Why you can’t leave (1)

One reason why it is so hard to leave therapy – why people so quickly become so hooked and entangled in it – is because the truth about the situation is simply too horrible and upsetting to face.

The ‘client’ has ‘entered therapy’ because she is in a state of turmoil or upset about some difficultly or other. And, typically, because she has no one in her life who seems able to help. At first the therapist seems sympathetic. (You bet they do; it isn’t hard to feign a little sympathy for £30.00 for 50 minutes). The ‘client’ is encouraged to start talking about their difficulty. Then they are further encouraged to start talking about everything that has ever upset them in their life. Soon, then, all their vulnerabilities are on the table. They’ve been exposed. We can’t say shared because the therapist will have given nothing away about their vulnerabilities in return.

But the truth is that the therapist couldn’t give a toss. At best they are playing a game where they believe that there is some process where becoming dependent and vulnerable in this way will do the client some good. That this will ‘heal’ the client. But this is not true. Talking about your self in a monologue to a paid listener helps no one. At worst (and there is probably always an element of this even in the better therapists) they know that this (the monologue ‘heals’) isn’t really true – but hey it’s a good wheeze and, like everyone else, they have bills to pay…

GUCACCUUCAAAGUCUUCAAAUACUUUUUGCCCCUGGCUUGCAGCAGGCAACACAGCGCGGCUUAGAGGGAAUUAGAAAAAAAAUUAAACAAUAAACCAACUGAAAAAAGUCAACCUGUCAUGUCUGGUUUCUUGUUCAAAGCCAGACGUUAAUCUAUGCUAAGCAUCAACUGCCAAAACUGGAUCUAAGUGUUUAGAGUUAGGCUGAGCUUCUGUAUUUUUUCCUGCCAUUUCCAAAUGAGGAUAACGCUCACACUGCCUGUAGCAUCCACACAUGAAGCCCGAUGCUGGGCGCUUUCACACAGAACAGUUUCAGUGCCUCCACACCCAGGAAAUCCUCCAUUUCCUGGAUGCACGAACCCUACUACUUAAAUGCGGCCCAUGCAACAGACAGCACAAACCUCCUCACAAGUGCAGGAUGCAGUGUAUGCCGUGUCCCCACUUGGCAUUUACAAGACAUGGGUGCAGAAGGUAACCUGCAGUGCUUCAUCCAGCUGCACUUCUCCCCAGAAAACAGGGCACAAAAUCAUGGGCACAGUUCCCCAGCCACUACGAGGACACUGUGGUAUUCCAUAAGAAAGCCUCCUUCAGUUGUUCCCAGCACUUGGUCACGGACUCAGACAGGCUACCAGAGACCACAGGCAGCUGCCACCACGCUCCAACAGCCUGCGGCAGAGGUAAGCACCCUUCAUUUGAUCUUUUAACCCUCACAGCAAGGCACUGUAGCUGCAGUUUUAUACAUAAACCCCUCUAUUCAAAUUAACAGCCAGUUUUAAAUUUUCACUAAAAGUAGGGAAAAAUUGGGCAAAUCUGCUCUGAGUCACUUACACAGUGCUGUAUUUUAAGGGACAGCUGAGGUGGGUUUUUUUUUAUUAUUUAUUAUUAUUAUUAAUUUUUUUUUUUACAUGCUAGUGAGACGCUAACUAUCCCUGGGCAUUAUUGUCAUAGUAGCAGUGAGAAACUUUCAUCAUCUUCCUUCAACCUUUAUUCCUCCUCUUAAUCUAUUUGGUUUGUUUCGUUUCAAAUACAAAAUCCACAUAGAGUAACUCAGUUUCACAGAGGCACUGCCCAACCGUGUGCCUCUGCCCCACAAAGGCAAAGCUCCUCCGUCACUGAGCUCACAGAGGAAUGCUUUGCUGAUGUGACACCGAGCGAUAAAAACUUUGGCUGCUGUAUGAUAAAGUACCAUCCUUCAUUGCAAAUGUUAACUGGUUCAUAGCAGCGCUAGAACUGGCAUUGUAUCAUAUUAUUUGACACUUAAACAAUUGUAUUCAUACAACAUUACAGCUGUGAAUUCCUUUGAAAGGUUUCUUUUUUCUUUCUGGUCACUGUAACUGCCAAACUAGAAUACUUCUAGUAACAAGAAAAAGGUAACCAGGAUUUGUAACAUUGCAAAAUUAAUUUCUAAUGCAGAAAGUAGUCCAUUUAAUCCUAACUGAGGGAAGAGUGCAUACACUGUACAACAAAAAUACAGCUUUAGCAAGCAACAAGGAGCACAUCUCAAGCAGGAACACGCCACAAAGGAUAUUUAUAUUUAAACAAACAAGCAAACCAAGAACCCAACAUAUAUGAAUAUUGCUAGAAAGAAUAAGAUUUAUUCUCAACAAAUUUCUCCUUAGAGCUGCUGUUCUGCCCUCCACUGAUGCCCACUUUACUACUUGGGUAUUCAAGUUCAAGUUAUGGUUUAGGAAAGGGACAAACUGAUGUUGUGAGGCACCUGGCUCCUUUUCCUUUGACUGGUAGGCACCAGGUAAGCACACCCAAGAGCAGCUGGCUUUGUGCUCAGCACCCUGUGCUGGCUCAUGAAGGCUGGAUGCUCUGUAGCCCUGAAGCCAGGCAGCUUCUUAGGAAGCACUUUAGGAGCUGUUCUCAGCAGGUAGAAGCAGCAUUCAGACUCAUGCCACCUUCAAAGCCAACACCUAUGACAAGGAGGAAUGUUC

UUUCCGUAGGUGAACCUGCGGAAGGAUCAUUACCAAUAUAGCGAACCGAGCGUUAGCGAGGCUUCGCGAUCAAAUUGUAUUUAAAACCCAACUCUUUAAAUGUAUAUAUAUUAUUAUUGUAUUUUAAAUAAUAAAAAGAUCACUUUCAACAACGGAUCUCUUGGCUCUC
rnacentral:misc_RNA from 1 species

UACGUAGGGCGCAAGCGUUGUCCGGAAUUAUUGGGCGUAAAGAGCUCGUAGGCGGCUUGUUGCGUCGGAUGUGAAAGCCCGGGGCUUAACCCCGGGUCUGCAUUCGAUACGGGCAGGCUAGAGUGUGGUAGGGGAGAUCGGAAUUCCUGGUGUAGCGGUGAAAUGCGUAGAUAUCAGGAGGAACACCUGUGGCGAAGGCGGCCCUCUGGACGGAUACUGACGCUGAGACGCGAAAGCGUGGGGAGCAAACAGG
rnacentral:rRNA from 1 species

It is hard, very hard, to face this truth. That this person who appeared, because they presented themselves so, as being so different from all the abusers in your life, is in fact, no more caring about you than anyone else. They’re just running a business. The litmus test being that the moment you stop paying the fees they won’t want to know anything else about you. And, remember, the ‘client’ was already somewhat wounded when they ‘entered therapy’. Where are they going to find the strength to admit that this ‘helper’ is just a cynical money-maker as indifferent to them as anyone else in their life who abused them or let them down? That calls for more strength than is normally required in life. And so therapy flourishes. By creating a situation for people from which it is hard to extract themselves.

What makes people strong is when you’ve been abused or let down you grit your teeth and pull yourself up. Almost everyone in life is let down or abused. Everyone who has been has the capacity to pull themselves up and get on with their life. That is what life is about.

For therapists life itself is wrong and needs fixing. It is pure American commercialism carried to its logical conclusion. The allure is offered that by paying a weekly fee you can have an easier life than life itself, that you can bypass the difficulties of life.

Author: justinwyllie

EFL Teacher and Photographer